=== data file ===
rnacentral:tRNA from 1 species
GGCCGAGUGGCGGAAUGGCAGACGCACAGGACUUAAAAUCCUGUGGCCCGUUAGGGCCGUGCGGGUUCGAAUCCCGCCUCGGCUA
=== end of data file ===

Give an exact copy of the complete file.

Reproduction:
rnacentral:tRNA from 1 species
GGCCGAGUGGCGGAAUGGCAGACGCACAGGACUUAAAAUCCUGUGGCCCGUUAGGGCCGUGCGGGUUCGAAUCCCGCCUCGGCUA